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Around the world travel, Backpacking, Bucket List, Istanbul, long term travel, Travel, Turkey

Homecoming…Sort Of



I arrive in Istanbul a couple of hours earlier than scheduled and make my way back to Cheers Hostel via public transport. It’s 6am and the city is slowly coming to life. I feel that welcomed sense of familiarity, which can be rare on the road. It’s a beautiful thing to pass through the same place twice, to be greeted with friendly smiles, to know someone’s looking out for you and to be handed a warm cup of coffee and asked to sit and tell all about your recent travels.
This feeling pushed sleepiness from my body, and a warm sense of being back in a familiar place replaced it. After a couple of cups of coffee, I ventured up to the cafe area, found a quiet corner and took a short nap, so that later, I could try and make something of the day.
Around breakfast time, I headed down to the common area and began chatting to Rodrigo. He asked me my plans for the day and I told him I was headed to Asia to see the other side of Istanbul. He said he would join me. Rodrigo is like the character Fez from That 70s Show – same accent and similar looks. He comes from Mexico City and is currently living in Iceland and working in the art history field. He is a shop-a-holic, a bookwhore and tells me he is addicted to milk and Coca-Cola…I can tell today will be an adventure.
We set out with loose plans to get a boat to the Asian side of Istanbul, walk around, soak it in and get a feel for the “other side,” then head back to Taksim for dinner and to search for an English bookshop- I need a guidebook for Israel.
We head to Asia. It’s a beautiful day on the Bosphorus – typical Autumn weather- clear and crisp. We leave Galata Bridge in the distance, and no more than 20-minutes later, we are in Uskudar, the older side of Asian-Istanbul. We’ve shed our guidebooks and maps and just wander aimlessly.
The first thing I notice are the number of mosques on this side of the city. We begin with a few visits. Each new mosque is like studying the art on a faberge egg- so detailed and intricate. The atmosphere is ever so peaceful, people coming and going and saying their prayers between the ezan, or formal call to prayer.
We stroll through a market that has made its home in a historical hamam. Then, we hear the fourth daily call to prayer and stand outside another mosque as men file in to pray. We stroll through the back streets of Uskudar, which is more residential and less-touristic than all of the European side. We are just wandering and stumble upon a smaller, beautiful mosque, Azi Camimi. The grounds alone and steps leading up to this mosque are beautiful and inviting, but the door is locked.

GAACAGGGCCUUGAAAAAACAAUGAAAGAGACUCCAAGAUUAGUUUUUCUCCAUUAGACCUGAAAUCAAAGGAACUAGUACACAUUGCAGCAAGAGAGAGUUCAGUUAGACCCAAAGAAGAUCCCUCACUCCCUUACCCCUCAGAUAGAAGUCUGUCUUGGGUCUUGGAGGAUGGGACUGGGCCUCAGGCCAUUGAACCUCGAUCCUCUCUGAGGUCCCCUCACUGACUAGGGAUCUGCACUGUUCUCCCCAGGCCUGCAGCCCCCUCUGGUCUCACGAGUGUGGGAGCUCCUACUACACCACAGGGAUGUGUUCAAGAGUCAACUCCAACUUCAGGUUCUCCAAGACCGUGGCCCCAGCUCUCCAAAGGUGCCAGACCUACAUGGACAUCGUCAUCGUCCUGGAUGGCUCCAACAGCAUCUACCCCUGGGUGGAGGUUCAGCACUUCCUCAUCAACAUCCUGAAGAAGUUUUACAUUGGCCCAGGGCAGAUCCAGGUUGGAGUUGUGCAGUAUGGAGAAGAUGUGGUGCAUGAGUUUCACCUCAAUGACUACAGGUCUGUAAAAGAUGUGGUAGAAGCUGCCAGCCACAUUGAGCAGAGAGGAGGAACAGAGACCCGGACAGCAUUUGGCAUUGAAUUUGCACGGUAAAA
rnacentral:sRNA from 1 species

Rodrigo takes a second look and pulls a chord enabling us to push open the wooden door and enter into the smallest mosque I’ve seen so far. No one is inside and it’s end of day, so the sunlight is filtering through the west-facing windows, casting golden squares across the red carpet. Chandeliers and candelabras hang in each corner of the squared room, and as you follow their cords to the mosque’s domed ceiling, your eyes begin to dance in and around the almost hypnotic blue, green and pink painted designs that resemble musical notes in a way.
It is a treat for the eyes and food for the soul. We spend a few moments taking everything in and leave quietly. I feel moved by this little mosque and I mention it to Rodrigo when we go. He is pleased we found our way in and tells me that in certain churches and homes where he grew up, they used to have the same cord method to open doors. But now he lives in Mexico City and looks at me in the most serious manner and says, “If you have a cord on your door in Mexico City now, you leave for 2 minutes and your whole house would be gone!”
We venture down to the Bosphorus and walk along to get a better view of the Maiden’s Tower, the remains of a Byzantine lighthouse. Tea vendor stalls dot the waterfront. It’s getting cold and the sun is beginning to set, so we take a Turkish tea and sit ourselves on pillows propped along the steps leading down to the water.
From Asia, we watch the sun set over Europe, dropping behind Topkapi Palace, leaving us with only silhouettes of Istanbul’s many minarets.
From here, we make a quick trip through the Spice Bazaar and head to Taksim for a warming dinner of Manti, Turkish Ravioli. We find a brilliant bookshop with a vast collection of Turkish and English Literature. I manage to find a guidebook for Israel and I pick up “One Hundred Years of Solitude,” for reading and to later swap in Nepal (apparently you need good material to swap there). Rodrigo highly recommends it and says it would be a much better read if I knew Spanish (I’m working on it buddy!)
We head back to Sultanahmet, down the many steps to the Galata Bridge- happy with our purchases, full from our meal and content with the days’ adventures. We cap off the night toasting an Efes, and for the first time all day, I feel tiredness creep into my body. I crawl into my bunk and immediately fall into a deep sleep.